Responses to Application Completeness

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At one of the agencies where I worked, we instituted a optional pre-submittal conference. We had a set day of the week – in our case, Thursday mornings at 8:00 –when applicants could bring in any information they wanted to discuss about an application. The meeting was with the applicants, and representatives from streets, utilities, fire, planning, building and economic development. We’d go over the concept and discuss the kind of information we needed to see on a formal application.

We did require a directive from the mayor to one of the departments requiring that a representative with responsibility and authority to make recommendations was to attend the meetings. Sending a staff member to “take notes” is a waste of everyone’s times. Those attending the meetings must have the authority to say “this is what our department must see in order to recommend approval” – and be able to do it with confidence that someone is not going to change the rules when the application is submitted. There are obvious exceptions—if something completely unanticipated crops up—but the objective of the meeting is to define the review criteria all will respect.

In addition, the applicant was given a printed checklist that included a sample site plan, rendering, application package, and back-up material that demonstrated the kind of information we wanted to see on the project application when it was turned in. We asked several engineering, planning, and architectural firms to give us drawings and documents dummied up for the samples. They were happy to do so at no charge…and we allowed them to display logos and contact information in the title blocks as compensation.

If an applicant went through this system, and submitted a complete application, we promised them that they would get to a planning commission meeting in four weeks, rather than six or eight weeks. We’d also schedule pre-reviewed apps first on the agenda—based on when submitted. That feature encouraged a number of applicants to use the pre-submittal conference process.

When they wanted to turn the application in, we offered the opportunity to set an appointment to submit the application. That way, we would go through it thoroughly. After we implemented this process, our incomplete application rate dropped to under 10 percent of submittals overall and to literally zero from those going through the process.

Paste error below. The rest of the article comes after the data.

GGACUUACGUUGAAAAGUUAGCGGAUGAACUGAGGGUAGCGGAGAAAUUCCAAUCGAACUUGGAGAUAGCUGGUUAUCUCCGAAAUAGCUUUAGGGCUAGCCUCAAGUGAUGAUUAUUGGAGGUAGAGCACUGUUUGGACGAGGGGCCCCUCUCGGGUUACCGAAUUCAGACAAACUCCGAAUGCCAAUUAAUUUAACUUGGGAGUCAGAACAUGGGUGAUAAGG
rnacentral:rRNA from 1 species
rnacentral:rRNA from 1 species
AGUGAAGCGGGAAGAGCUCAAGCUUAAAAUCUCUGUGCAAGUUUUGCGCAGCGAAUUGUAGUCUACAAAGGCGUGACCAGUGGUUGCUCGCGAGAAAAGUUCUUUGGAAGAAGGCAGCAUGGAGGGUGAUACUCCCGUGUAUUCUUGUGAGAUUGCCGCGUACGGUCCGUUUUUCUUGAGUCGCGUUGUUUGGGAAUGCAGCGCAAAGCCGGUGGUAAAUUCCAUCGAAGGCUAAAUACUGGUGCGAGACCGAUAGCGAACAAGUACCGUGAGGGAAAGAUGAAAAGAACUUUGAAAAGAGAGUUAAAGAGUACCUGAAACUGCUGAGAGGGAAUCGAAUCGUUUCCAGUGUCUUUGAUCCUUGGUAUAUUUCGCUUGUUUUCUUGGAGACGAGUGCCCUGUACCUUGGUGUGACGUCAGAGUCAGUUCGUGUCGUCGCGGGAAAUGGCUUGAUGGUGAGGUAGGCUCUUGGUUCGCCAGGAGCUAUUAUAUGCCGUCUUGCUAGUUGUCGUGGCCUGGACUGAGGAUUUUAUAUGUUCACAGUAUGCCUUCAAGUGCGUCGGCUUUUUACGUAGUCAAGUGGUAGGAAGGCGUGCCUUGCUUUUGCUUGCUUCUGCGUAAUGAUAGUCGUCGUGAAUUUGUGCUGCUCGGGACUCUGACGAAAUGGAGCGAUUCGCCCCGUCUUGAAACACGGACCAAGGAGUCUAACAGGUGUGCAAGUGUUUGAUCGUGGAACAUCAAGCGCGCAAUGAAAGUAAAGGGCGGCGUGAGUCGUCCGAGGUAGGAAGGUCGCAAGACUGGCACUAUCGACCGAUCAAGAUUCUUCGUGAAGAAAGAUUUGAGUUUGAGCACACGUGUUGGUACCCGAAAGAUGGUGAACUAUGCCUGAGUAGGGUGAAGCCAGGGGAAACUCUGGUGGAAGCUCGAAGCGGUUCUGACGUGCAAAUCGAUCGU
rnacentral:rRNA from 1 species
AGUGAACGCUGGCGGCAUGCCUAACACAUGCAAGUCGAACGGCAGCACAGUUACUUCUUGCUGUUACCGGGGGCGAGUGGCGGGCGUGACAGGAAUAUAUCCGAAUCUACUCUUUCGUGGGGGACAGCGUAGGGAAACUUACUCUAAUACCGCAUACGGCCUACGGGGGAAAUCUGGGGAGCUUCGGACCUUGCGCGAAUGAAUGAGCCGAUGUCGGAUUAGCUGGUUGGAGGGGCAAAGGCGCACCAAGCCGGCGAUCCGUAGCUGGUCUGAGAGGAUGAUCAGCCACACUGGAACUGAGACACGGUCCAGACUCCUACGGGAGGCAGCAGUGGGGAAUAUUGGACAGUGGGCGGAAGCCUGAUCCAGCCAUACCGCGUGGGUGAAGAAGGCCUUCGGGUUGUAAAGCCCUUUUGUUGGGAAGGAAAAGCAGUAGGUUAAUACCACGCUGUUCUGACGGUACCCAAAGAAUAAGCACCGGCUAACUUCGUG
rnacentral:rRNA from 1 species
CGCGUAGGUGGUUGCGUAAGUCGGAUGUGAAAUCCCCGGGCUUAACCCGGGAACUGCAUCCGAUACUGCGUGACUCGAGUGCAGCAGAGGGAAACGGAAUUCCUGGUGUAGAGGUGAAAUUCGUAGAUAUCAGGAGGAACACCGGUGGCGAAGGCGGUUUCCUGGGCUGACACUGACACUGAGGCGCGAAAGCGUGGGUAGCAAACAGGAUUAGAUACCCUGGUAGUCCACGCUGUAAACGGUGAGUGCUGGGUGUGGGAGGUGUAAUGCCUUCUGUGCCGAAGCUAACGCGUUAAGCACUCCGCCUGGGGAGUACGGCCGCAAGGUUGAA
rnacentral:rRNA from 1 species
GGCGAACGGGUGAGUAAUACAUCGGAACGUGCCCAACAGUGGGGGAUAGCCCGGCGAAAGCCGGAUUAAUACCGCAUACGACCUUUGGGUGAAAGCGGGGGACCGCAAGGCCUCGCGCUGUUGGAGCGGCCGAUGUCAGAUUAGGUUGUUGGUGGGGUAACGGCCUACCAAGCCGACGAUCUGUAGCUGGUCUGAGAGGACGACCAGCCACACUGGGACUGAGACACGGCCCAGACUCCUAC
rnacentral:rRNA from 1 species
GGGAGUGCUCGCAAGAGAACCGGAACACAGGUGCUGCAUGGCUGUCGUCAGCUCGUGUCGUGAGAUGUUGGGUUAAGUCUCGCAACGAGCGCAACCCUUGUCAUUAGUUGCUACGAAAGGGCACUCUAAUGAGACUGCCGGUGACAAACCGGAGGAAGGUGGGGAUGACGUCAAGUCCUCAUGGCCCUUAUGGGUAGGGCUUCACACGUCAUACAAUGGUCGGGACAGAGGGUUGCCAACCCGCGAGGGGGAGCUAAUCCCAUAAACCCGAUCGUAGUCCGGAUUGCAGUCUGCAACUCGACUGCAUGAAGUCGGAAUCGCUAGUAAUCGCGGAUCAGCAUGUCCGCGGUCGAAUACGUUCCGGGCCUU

An unanticipated consequence – well two consequences – (good) the applications all started to look the same in terms of layout and appearance, which the Commission loved. We also found (challenging) that our staff report writing workload increased with the faster turnaround. With the better application content and advance project knowledge, we were able to adapt without increasing overtime.

We also offered an opportunity for a three week review – the fastest schedule possible with notice requirements – for a double fee. Very few took advantage of this option. Our fees were based on average actual review cost, so it was pretty pricey to gain a week.

This system works well when the commission or design board has final authority. If projects need to go to the city council or county boards/commissions, I’d recommend working with the city/county manager/administrator to see if there is a way to speed up the process when applicants make the effort to submit clean, detailed applications. It’ll buy a lot of political points for efficiency…even with controversial projects.

Although the pre-submittal conference was just an open time slot without appointments, we met with each applicant privately in a closed door session. Because no decision-makers were present and decisions were made, the closed meetings were legal. Some applicants brought in fairly detailed drawings, one literally had the concept on an envelope. All were appreciative. Essentially, the concept put the “we need more information for your complete application” in line in front of submitting the application. It really sped up the overall process and made staff’s life easier when review/report time was upon us.

Eric Jay Toll